Egypt

Weekly Report: Middle East and North Africa

Egypt – Staff from CIPE’s Egypt office and partner the Egyptian Center for Economic Studies (ECES) participated in social media training in advance of CIPE and ECES’s “What If” project. “What If” aims to facilitate evidence-based debate on business and economic issues in Egypt. The project is centered on the dissemination, through social media, of economic facts and figures in a concise, timely and digestible daily release for the media and general public.

Weekly Update: Global

HIGHLIGHTS
CIPE begins initiative to address property rights violations in Burma; CIPE and the Society for International Development (SID)-Washington host discussion on a new strategy for civil society development in Africa; CIPE partner facilitates public-private dialogue on laws governing the business environment in Egypt.

Reforming the Entrepreneurship Ecosystem in Post-Revolutionary Egypt and Tunisia

Amr Adly, After Tunisian street vendor Mohamed Bouazizi self-immolated in 2010, the Arab region experienced a socially-motivated upheaval unlike anything the world had ever seen. Across the Middle East, Bouazizi and over sixty others sacrificed their lives to convey the despair that emerges from a life without freedom, opportunity, or dignity, particularly for entrepreneurs who are pushed to the informal sector. Read more…

Weekly Update: MENA

Egypt – CIPE held the second of its New Egypt Forum roundtables of opinion leaders in Alexandria, with 32 academics, political leaders, business leaders, journalists, and senior government officials from various political and ideological perspectives coming together to discuss the issue of economic social justice.  Participants attempted to define social justice and discussed the economic implications of applying it, examining areas such as the Egyptian constitution, the state budget, the health care and education sectors, the private sector, and t

Weekly Update: MENA

Egypt - CIPE held the second of its New Egypt Forum roundtables of opinion leaders in Alexandria, Egypt on June 12-13, 2014. The forum convened 32 academics, political leaders, business leaders, journalists, and senior government officials from various political and ideological perspectives to discuss the issue of economic social justice.

Weekly Update: MENA

Egypt – On March 30, CIPE, in cooperation with the Health Governance and Transparency Association (HeGTA), released Principles & Guidelines for Governance in Hospitals in both Arabic and English.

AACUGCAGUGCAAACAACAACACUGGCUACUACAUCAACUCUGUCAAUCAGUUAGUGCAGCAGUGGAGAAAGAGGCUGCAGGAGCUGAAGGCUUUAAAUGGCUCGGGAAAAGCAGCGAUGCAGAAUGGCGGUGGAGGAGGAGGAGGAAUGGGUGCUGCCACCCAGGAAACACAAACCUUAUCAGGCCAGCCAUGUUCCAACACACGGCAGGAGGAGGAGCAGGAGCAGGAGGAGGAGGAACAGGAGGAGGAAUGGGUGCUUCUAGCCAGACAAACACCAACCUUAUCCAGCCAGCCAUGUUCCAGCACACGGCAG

Weekly Update: MENA

Egypt – Members of the Gharbeya Entrepreneurs Society (GES), joined by CIPE Program Officer Lobna Afify, met on March 11-12 in the Delta city of Tanta to develop the details of GES’ action plan to implement the short term vision developed by the group in December 2013. Bassam El Shanawani was selected by GES members to be the lead plan coordinator.

Weekly Update: MENA

Egypt CIPE held a three-day workshop on corporate governance for family business in Alexandria from February 6-8, the last of a series of six. As the capstone of their course, 20 leaders of family businesses presented a plan for implementation of corporate governance in their firms in the short and long terms. More than half of the participants reported having already started to implement their plans at the time of this final workshop.

Weekly Update: Multiregional

HIGHLIGHTS
CIPE Egypt Director speaks on panel on small and medium-sized enterprises (SMEs); CIPE policy roundtable on the National Television of Afghanistan; CIPE participates in Aspen Network for Development Entrepreneurs East Africa Conference on Entrepreneurship

Informal Sector & Property Rights

The informal economy comprises half to three-quarters of all non-agricultural employees in developing countries. In countries with large informal sectors, business activities go unrecorded, taxes are not paid, opportunities for corruption are rampant, and many citizens are not able to participate in public policymaking. Informality is a symptom of underlying institutional problems. To harness the capital locked in the informal sector, governments must offer incentives that encourage entrepreneurs to formalize, such as a simplified business registration process. Read more…

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